The overarching goal of the proposed renewal of the PERU CTU is to continue contributing to the design and implementation of the NIH HIV/AIDS clinical trial networks research agenda, across the continuum from prevention to treatment of HIV and tuberculosis (TB). It builds upon 19 years of experience and over $110 million of NIH investment to establish a comprehensive clinical and laboratorial infrastructure for designing and implementing network research studies, including those from the HVTN, HPTN, ACTG, MTN and INSIGHT, as well as several non-network clinical trials. The consortium is led by Asociacion Civil Impacta Salud y Educacion (IMPACTA) and is also composed by the Centro de Investigaciones Tecnologicas, Biomedicas y Medioambientales (CITBM), the Asociacion Civil Selva Amazonica (ACSA) and the Asociacin Via Libre. Multiple principal investigators are Dr. Jorge Sanchez (based at CITBM) and Dr. Alberto La Rosa (based at IMPACTA) and supported by a cadre of experienced researchers and promising junior investigators. A consolidated three-dimensional (3D) matrix organizational structure integrates organizational functions (CTU governance and Clinical Research Sites, CRSs), support functions (through four resource units) and production functions (local teams leading specific trials). This 3D matrix interplay allows for operations that are cohesive, synergistic, integrated, transparent, flexible, responsive and adaptable. It provides efficient utilization of infrastructure and resources, avoiding redundancies, providing centralized services, sharing strategies and optimizing cost containment. Two mature Community Advisory Boards are the cornerstone for successful community participation in all stages of research. The PERU CTU proposes to continue conducting the networks research agenda at five CRSs: ACSA (HPTN, HVTN), Barranco (HVTN, ACTG), CITBM (HPTN, HVTN), San Miguel (ACTG, HPTN), and Via Libre (HVTN, HPTN). The specific areas of research proposed for the next grant cycle have been chosen considering both the networks research priorities and our CRS strengths. In each area, there is a track record of significant accomplishments and great potential for future contributions. The CTU aims to: 1) evaluate individual and combination vaccine and non-vaccine HIV prevention interventions among men who have sex with men and transgender women; 2) evaluate novel therapeutic interventions targeting HIV and strategies to address toxicities, drug-drug interactions, and comorbidities; 3) improve the prevention and treatment of tuberculosis; 4) maintain the highest standards of resource management for efficient and timely implementation of clinical trials; and 5) continue building relationships and effective communications with the Peruvian community and stakeholders promoting good participatory practices in clinical trials. These feasible aims, our increasing capacity to conduct clinical trials and our ability to adapt to challenges, uniquely position the PERU CTU to continue contributing towards an HIV/AIDS- and TB-free generation.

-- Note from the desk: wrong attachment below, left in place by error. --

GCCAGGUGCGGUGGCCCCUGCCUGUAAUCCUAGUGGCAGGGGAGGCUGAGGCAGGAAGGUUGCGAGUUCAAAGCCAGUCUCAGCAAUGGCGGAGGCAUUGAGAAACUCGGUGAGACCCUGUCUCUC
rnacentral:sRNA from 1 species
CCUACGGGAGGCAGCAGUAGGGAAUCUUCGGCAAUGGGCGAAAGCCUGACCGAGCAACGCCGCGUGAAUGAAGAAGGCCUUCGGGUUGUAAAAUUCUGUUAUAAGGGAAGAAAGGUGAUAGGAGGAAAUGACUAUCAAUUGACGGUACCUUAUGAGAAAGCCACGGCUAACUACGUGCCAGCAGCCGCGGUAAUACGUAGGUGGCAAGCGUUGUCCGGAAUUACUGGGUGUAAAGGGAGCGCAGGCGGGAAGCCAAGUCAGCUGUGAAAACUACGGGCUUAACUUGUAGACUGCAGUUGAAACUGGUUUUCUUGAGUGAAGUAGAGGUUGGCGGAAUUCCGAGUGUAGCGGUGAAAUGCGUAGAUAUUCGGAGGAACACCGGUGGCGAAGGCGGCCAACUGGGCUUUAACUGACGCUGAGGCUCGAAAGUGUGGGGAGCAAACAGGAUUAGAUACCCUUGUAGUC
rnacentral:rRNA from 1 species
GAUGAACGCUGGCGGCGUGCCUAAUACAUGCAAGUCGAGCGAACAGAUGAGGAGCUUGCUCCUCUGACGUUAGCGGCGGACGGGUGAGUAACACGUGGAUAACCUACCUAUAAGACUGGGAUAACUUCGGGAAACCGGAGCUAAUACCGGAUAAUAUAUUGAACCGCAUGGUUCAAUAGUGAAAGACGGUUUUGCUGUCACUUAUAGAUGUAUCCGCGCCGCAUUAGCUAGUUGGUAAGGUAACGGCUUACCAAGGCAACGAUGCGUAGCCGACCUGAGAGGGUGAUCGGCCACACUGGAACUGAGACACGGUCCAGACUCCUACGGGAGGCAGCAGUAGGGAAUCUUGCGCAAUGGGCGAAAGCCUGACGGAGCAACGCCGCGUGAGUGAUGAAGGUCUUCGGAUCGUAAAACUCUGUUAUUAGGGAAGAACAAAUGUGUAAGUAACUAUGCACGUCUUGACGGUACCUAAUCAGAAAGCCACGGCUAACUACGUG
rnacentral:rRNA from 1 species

The PERU CTU proposes to continue contributing to the design and implementation of the DAIDS scientific research agenda to decrease new HIV infections, reduce HIV associated morbility and mortality, and ultimately end the HIV epidemic. Given the high incidence of tuberculosis in the country and the high burden of drug resistant strains, the PERU CTU is in an advantageous position to continue contributing to the design and implementation of clinical trials evaluating interventions to control the tuberculosis epidemic. Our strategy is to focus on vulnerable populations in resource limited settings, utilizing existing research infrastructure that includes state of the art laboratories, experienced personnel, with active participation from community stakeholders.
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